'The Chicago Code' 1.10 'Bathhouse & Hinky Dink' Review
Among the many things I love about The Chicago Code, one of the biggest is that it is never formulaic. While there's an individual story each week, it's more often than not just a springboard for the sprawling tale that the show really has to tell, with us uncovering new pieces every episode. This is one of those episodes. It starts simple enough, but it's not at all like it first appears. This is television at its smartest.
This week, after a city Waste & Sanitation official named Darren Wall sees his corruption trial end in a hung jury, the prosecuting attorney (Tamlyn Tomita, who's also the medical examiner on Law & Order: Los Angeles) gives Jarek and Teresa just days to prove the tampering or risk losing Wall for good. However, that's just part of a bigger conspiracy which provides headaches for several of our main characters. This is not a neat show, and it never will be. I think that's one of its charms.
Jarek is all too happy to sink his teeth into this one, which means plenty of scenery-chewing for Jason Clarke, including a great confrontation with Wall in his office where Jarek nearly hits him with a baseball. I know I've said this before, but I'll say it again: Clarke really is a force when he's on screen, and he makes the most of substantive material like this. The writers for The Chicago Code do a great job of giving him things to work with, without making Jarek's behavior over the top and therefore implausible as a real cop. It's great to watch unfold.
The pursuit of Wall doesn't go unnoticed by Alderman Gibbons and his associates. While Gibbons tries to point Teresa in other directions, Liam (whose real name is Chris, btw) meets with Hugh Killian and his daughter (Shannon Lucio, from The Gates and the original Beth Turner in the unaired pilot of Moonlight). With Caleb and Jarek finally able to connect the two to each other, Gibbons tells Killian to take care of the situation personally - which to him means shooting the bought-off juror in the back in front of Liam, and having him dispose of the body. This lands Liam in a tough position: does he risk blowing his cover to nab what could be a sure thing?
Liam proposes a sting operation to bust Killian with himself as the bait. It goes well enough, as Jarek and Caleb bust a truck driver who's willing to testify against his boss, giving the team a lot more than just jury tampering. With Killian on the chopping block, it also officially puts Alderman Gibbons squarely in the Chicago Police Department's sights. "You're declaring open war on the most powerful man in the city," Teresa is warned, but convinces the DA to file papers to start a secret investigation we know won't be secret for long. It's game time, and our heroes are ready for the fight. So am I.
There's some great personal stuff in this episode as well. Through flashbacks, we finally get our first look at Jarek's brother Vincent, both alive and dead. Jason Clarke doesn't get any dialogue as Jarek arrives at a crime scene to find his brother's body, but the expressions on his face convey anguish as powerful as any I've ever seen on television. Caleb reveals that he's read Vincent's case file, which doesn't go over well with Jarek. The flashbacks aren't just poignant; they're also relevant to how Jarek approaches this new undercover operation. We also get further insight into Liam's background and what makes him tick; Billy Lush has been doing a wonderful job all season showing us how being undercover wears on him on a daily basis.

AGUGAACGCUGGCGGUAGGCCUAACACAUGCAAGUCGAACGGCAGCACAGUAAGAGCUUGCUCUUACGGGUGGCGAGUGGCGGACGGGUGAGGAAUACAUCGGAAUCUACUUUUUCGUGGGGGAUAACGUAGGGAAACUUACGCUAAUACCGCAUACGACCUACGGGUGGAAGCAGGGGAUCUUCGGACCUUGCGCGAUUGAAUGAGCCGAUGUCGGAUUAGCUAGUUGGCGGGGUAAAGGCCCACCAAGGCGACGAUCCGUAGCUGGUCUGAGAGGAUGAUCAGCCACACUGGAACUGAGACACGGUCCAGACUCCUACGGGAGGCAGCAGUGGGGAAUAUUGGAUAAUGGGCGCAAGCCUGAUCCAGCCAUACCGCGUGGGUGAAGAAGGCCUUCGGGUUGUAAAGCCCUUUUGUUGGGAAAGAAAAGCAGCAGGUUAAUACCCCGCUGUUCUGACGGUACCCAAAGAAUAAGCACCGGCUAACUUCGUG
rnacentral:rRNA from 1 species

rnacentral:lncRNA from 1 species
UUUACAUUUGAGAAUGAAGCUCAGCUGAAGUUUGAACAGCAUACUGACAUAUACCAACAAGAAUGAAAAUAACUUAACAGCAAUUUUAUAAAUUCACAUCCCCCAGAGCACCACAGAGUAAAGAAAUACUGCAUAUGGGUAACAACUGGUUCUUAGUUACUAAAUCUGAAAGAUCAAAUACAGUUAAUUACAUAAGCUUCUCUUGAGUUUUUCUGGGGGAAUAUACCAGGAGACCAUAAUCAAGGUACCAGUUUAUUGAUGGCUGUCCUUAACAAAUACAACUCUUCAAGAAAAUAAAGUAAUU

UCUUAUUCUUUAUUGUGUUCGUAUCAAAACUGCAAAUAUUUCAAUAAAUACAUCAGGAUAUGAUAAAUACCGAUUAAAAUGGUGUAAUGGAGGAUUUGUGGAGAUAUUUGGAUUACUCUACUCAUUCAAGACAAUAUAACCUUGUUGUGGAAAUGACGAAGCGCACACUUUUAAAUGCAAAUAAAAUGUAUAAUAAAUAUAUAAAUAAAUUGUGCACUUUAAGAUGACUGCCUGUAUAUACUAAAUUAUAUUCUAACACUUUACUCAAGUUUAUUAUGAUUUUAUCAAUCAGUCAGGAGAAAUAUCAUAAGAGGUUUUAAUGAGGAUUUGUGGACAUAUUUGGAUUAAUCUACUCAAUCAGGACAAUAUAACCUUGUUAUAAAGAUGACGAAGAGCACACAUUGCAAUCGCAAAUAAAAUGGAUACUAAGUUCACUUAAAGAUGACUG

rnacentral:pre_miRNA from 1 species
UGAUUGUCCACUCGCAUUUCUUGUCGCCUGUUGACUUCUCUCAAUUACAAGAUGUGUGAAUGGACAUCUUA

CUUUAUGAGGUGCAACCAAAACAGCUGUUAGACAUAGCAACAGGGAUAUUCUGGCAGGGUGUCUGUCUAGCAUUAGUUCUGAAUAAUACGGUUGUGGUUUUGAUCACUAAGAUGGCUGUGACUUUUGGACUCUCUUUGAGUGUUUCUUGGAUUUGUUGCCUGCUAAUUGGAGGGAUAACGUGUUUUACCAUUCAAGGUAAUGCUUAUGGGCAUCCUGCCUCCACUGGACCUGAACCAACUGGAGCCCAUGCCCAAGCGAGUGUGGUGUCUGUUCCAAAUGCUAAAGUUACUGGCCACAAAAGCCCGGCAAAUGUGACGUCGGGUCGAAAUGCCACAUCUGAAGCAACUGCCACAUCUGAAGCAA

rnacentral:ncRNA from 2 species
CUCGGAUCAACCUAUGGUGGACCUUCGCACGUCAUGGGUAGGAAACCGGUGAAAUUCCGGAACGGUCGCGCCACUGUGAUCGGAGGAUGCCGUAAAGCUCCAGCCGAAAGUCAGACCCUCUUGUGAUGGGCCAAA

If there's one thing that doesn't work for me this episode, it's the Vonda and Isaac subplot. It's the first time I've felt like something on this show could've been left out. While it's worth a chuckle, it feels like it exists to include their characters in the episode, not because it works with the episode.
This episode gets The Chicago Code to the moment we've all been waiting for: when Teresa and Jarek publicly take Alderman Gibbons head on. The show is definitely going to pay off what it set up, which I appreciate, and I have no idea how, which I love. It's nice to find a show that can still surprise and engage my cynical self after all the TV I've seen. Most importantly, we see what it's taken out of our characters for them to get this far. We're clued in to more of how Jarek's loss affects how he thinks and behaves, and how Liam continues to struggle wit hthe pressure his job puts him under. It hasn't been an easy road, and the journey of the characters is just as important as the final score.
I can't wait to see where this show goes next week. Then again, I say that every week...and I feel incredibly blessed that I do. Shows like this only come around once in awhile.
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